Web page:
In what had once looked like a perilous year for the machine, the Democrats had been neutralized, and King’s relationship with Dillon was a big reason why. What’s more, Margiotta’s trial ended in the spring of ’81 with a hung jury; it wasn’t exactly exoneration, but it was a good start. The feds promised to seek a second trial, but it wouldn’t start until after the November election. The boss had won a reprieve; now it was safe to play some musical chairs: With M. Hallsted Christ moving up to the State Supreme Court, Margiotta decreed that the Nassau Republican Party’s new candidate for comptroller would be Councilman Peter King. Election night at party headquarters in Westbury was once again a cause for celebration. Purcell trounced Matthews by 27 points, the same margin by which King defeated his token Democratic foe, Harold Berger. Tom Gulotta, plucked by Margiotta from the Assembly to replace D’Amato as Hempstead Presiding Supervisor, won by an even bigger margin in a race with significant patronage implications. Indictment? What indictment?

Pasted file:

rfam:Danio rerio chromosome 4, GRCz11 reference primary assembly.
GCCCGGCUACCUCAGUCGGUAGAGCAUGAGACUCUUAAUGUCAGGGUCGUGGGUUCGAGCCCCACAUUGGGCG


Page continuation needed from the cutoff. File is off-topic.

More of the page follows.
The illusion, though, could only last so long. Margiotta’s second trial began in mid-November and wrapped up three weeks later, on December 9. This time, the verdict was guilty, on one count of fraud and five counts of extortion. "I'm shocked at the verdict,” he declared. “I feel that I've been convicted because I've been a successful political leader. I feel that I carried out my responsibilities honestly. I didn't break any law."
Nassau’s boss was staring at real jail time and, as a convicted felon, the loss of his right to vote, meaning that, under New York state law, which requires that party leaders be registered party members, Margiotta would have to give up his chairmanship immediately. In a testament to the clout he’d built up, Margiotta won a ruling from a state election law panel allowing him to stay on as party boss through the appeals process, which he vowed to pursue aggressively, all the way to the Supreme Court if need be.